Wednesday, June 29, 2011

What's A Quivering Girl To Do?

I have been brainwashed.
Up until a few years ago, i was certain that rock music and Harry Potter books were the pathway to hell. I was sure that anyone who really loved their kids would home school them, spank them, and have at least 11 of them. I knew FOR SURE that we hadn't been to the moon, and that Halloween was the devil's birthday. I was positive that getting married meant I would have to get pregnant right away and then stay at home for the rest of my life.

I was always uncomfortable with the idea that only MY family (and others exactly like it) was going to heaven. As a teenager, I mostly avoided thinking about everything and just went through the motions. Eventually i realized i could avoid addressing these issues forever, as long as i never got married. Marriage meant submission, and kids. And kids meant homeschooling, (of which i was terrified) and the responsibility to teach them what i had been taught. If i never got married, i could slip under the radar and avoid all the hard choices.

Well now that I'm married (and finally seeing the errors in my upbringing) I am completely cut adrift.
I want an education, but i am lost in the sheer volume of things I've never learned.
I want children, but probably only 4 or 5, and we're waiting at least 5 years to start our family. How do I overcome the guilt involved with that simple choice?
I don't want to home school my kids, but I know nothing about the alternative.
I want a career, but that will mean day-care for my potential future children, and wont that turn them into mindless spoiled zombies? I have mothers guilt before I'm even a mother.
Even little things bother me:
I want to play on the worship team at church, but doesn't God hate it when we plug guitars into an amp?
I want to ask my husband to do the laundry while I'm at work, but wont it emasculate him to do women's work?

My tomorrow hinges on the choices i make today. Do i have the patience to completely re-educate myself? Do i have the courage to make these decisions? Will I ever be truly free?

So many choices, so much freedom. So many questions, so much fear.

Have you dealt with these questions and fears for yourself? Do you have any tips or advice?


  1. Oh you poor baby! It IS like being brainwashed, and it is NOT fun! Seriously, if you want to email me feel free, because I've been through all of this, ALL of it, and I started years ago and have got a lot of it sorted out now. Not everything yet, of course, but I've got my feet on the ground now. You CAN make it, you CAN be free! The journey is painful, yes, but I have found joy and happiness I never knew existed. Seriously, don't despair!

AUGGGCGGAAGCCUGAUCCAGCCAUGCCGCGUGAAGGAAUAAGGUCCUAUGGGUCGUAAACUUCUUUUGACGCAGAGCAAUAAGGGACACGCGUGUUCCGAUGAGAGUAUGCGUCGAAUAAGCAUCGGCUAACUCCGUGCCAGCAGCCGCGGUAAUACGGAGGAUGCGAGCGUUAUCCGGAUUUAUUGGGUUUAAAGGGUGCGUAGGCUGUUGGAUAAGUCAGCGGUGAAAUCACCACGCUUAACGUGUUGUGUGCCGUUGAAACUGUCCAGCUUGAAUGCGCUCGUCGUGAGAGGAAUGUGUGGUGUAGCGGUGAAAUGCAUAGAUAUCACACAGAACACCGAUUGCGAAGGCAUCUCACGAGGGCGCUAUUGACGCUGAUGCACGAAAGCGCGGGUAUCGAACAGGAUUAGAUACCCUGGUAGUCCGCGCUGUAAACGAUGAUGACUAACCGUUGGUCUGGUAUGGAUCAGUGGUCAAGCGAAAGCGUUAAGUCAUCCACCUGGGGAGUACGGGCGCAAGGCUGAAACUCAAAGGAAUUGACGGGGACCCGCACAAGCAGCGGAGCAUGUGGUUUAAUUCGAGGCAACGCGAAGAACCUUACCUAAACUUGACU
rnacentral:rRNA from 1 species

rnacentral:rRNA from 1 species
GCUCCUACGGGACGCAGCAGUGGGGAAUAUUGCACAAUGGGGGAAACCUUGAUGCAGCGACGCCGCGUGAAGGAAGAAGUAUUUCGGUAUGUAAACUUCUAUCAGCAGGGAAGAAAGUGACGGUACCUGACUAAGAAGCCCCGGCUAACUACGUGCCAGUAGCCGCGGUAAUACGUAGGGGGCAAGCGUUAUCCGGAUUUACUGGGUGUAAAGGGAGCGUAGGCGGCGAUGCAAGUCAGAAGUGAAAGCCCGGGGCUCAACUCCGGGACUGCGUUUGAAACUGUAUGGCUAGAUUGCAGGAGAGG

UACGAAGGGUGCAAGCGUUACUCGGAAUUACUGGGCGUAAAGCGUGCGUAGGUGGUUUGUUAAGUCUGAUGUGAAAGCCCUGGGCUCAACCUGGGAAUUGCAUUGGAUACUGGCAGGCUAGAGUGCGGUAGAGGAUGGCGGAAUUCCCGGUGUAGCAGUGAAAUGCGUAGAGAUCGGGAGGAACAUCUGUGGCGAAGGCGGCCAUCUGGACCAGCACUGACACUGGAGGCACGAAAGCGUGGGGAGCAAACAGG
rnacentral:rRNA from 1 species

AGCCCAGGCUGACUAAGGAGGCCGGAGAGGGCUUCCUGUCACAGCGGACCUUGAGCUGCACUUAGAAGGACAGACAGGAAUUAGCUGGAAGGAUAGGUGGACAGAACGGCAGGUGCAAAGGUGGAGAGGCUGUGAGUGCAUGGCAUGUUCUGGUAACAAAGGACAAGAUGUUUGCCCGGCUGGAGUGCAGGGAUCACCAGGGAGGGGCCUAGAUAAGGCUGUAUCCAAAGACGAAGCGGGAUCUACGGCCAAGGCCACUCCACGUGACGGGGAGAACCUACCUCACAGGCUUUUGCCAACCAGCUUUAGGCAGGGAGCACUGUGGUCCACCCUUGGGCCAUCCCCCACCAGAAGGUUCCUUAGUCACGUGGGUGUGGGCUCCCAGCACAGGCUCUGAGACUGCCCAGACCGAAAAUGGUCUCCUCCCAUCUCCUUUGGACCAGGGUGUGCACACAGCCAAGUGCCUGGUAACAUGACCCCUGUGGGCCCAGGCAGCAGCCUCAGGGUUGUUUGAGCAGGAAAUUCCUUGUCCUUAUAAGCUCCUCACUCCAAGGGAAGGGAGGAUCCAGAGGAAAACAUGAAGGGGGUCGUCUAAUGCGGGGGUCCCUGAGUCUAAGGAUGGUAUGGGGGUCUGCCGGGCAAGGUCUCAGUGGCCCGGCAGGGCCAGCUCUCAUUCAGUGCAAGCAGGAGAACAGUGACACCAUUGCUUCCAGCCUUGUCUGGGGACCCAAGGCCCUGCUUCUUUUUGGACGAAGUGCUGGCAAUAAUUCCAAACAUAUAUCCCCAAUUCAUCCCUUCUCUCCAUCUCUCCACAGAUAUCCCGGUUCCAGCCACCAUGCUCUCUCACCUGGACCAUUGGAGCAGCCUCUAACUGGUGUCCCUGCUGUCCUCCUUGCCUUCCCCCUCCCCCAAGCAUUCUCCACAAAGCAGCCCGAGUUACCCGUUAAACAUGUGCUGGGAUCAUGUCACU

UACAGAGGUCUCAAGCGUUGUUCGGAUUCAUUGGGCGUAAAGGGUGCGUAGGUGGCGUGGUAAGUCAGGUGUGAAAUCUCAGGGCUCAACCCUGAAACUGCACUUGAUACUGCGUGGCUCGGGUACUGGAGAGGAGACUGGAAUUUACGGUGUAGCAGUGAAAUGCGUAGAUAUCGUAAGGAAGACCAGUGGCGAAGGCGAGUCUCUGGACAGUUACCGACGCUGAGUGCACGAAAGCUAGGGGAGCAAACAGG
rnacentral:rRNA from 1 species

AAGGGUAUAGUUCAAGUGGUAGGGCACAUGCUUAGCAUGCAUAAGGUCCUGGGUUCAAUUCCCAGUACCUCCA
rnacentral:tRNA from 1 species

First, daycare does NOT turn kids into mindless zombies. My little girl has been in daycare for a year now, and she LOVES it. Absolutely adores it. She can't wait to get there each day, loves her friends, loves her activities, and then is excited to see her when I pick her up - and so am I! Yes, there is guilt, because it was ground into me growing up - that only evil selfish mothers put their kids in daycare - but none of those lies is true. At all.

    Second, only four or five kids is still a LOT, and you don't have to be ashamed of waiting - your kids will be better for it! I want about five too, and like you it doesn't sound like much, but I'm spacing them out. They'll be better off in the end for that - more individual attention!

    Third, don't be afraid to ask your husband to do housework! My husband and I share it about equally, and he's still uber-manly. There is nothing un-manly about housework. I know, I know, our pasts lie to us about that. You have to ignore it and tell it it's wrong. And it takes time.

    Fourth, public schools are not the evil thing we were taught they were. They're actually pretty good. They have great teachers, excellent curricula, amazing extra-curriculars - so many opportunities! Your kids, like mine someday, can have friends, activities, classes, social lives, and opportunities we never had. And it's great. Of course, you don't have to figure all that out yet - you don't even have kids yet!

    Here is what you have to realize: Everything your parents taught you is suspect. You can't assume that ANY of it is right. That means you have to rethink it ALL. Of course, you don't have to do this all at once! But it does mean you can't rely on the instincts and knowledge they gave you. Any bit of it might be wrong. So realize there is a lot you don't know, a lot to figure out, and go from there. And you know what? It's okay to not know things! It's okay to say "I don't know yet"!

    Most of all, just take a deep breath and enjoy being. Enjoy your husband, your freedom to go where you like, and the little things in life. Take walks and look at flowers and take naps in the sun. Because you know what? You're free now, and you have the rest of your life to figure out who you are and what you want.